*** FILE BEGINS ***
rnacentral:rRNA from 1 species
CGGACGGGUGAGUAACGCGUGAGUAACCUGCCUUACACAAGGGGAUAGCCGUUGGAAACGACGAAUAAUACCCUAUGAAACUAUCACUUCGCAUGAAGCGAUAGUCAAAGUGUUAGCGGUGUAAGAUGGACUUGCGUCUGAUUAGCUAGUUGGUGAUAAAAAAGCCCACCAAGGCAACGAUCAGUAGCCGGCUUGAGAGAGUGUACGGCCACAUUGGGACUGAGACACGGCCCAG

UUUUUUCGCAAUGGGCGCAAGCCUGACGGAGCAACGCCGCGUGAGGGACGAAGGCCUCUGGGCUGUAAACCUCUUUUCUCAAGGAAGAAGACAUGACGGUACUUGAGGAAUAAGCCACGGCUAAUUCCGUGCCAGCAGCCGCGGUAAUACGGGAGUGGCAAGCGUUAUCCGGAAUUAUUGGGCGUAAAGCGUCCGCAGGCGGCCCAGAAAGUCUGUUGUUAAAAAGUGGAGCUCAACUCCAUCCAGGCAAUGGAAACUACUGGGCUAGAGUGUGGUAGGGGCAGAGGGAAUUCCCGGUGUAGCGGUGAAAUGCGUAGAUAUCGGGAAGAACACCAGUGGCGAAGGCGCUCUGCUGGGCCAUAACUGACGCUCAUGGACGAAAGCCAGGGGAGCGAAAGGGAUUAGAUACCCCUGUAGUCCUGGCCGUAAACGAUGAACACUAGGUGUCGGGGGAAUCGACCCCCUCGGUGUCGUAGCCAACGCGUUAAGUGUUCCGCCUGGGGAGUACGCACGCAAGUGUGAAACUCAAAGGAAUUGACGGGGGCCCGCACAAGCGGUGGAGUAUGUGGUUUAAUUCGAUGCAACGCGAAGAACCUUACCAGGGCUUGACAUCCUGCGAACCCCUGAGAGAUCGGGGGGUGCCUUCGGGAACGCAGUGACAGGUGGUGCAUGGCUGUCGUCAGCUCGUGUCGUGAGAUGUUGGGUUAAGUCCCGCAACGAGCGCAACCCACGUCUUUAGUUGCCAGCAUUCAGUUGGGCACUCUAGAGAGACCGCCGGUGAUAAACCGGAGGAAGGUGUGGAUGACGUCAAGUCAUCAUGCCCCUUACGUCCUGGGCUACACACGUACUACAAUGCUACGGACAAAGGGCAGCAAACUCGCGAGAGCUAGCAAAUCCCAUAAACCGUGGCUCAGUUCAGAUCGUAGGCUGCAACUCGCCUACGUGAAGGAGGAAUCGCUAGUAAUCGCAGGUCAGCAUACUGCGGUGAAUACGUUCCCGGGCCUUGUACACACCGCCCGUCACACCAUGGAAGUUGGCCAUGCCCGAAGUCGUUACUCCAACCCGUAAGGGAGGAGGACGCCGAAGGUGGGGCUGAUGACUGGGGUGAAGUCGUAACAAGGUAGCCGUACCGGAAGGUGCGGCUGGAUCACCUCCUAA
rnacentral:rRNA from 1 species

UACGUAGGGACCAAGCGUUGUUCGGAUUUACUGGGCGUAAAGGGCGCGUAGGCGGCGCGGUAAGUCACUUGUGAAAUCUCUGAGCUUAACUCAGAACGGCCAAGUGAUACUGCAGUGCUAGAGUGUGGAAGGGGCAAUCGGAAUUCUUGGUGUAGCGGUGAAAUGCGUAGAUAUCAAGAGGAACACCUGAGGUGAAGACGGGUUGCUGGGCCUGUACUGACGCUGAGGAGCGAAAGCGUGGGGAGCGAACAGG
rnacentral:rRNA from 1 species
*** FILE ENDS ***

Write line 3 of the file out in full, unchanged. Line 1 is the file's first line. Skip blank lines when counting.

UUUUUUCGCAAUGGGCGCAAGCCUGACGGAGCAACGCCGCGUGAGGGACGAAGGCCUCUGGGCUGUAAACCUCUUUUCUCAAGGAAGAAGACAUGACGGUACUUGAGGAAUAAGCCACGGCUAAUUCCGUGCCAGCAGCCGCGGUAAUACGGGAGUGGCAAGCGUUAUCCGGAAUUAUUGGGCGUAAAGCGUCCGCAGGCGGCCCAGAAAGUCUGUUGUUAAAAAGUGGAGCUCAACUCCAUCCAGGCAAUGGAAACUACUGGGCUAGAGUGUGGUAGGGGCAGAGGGAAUUCCCGGUGUAGCGGUGAAAUGCGUAGAUAUCGGGAAGAACACCAGUGGCGAAGGCGCUCUGCUGGGCCAUAACUGACGCUCAUGGACGAAAGCCAGGGGAGCGAAAGGGAUUAGAUACCCCUGUAGUCCUGGCCGUAAACGAUGAACACUAGGUGUCGGGGGAAUCGACCCCCUCGGUGUCGUAGCCAACGCGUUAAGUGUUCCGCCUGGGGAGUACGCACGCAAGUGUGAAACUCAAAGGAAUUGACGGGGGCCCGCACAAGCGGUGGAGUAUGUGGUUUAAUUCGAUGCAACGCGAAGAACCUUACCAGGGCUUGACAUCCUGCGAACCCCUGAGAGAUCGGGGGGUGCCUUCGGGAACGCAGUGACAGGUGGUGCAUGGCUGUCGUCAGCUCGUGUCGUGAGAUGUUGGGUUAAGUCCCGCAACGAGCGCAACCCACGUCUUUAGUUGCCAGCAUUCAGUUGGGCACUCUAGAGAGACCGCCGGUGAUAAACCGGAGGAAGGUGUGGAUGACGUCAAGUCAUCAUGCCCCUUACGUCCUGGGCUACACACGUACUACAAUGCUACGGACAAAGGGCAGCAAACUCGCGAGAGCUAGCAAAUCCCAUAAACCGUGGCUCAGUUCAGAUCGUAGGCUGCAACUCGCCUACGUGAAGGAGGAAUCGCUAGUAAUCGCAGGUCAGCAUACUGCGGUGAAUACGUUCCCGGGCCUUGUACACACCGCCCGUCACACCAUGGAAGUUGGCCAUGCCCGAAGUCGUUACUCCAACCCGUAAGGGAGGAGGACGCCGAAGGUGGGGCUGAUGACUGGGGUGAAGUCGUAACAAGGUAGCCGUACCGGAAGGUGCGGCUGGAUCACCUCCUAA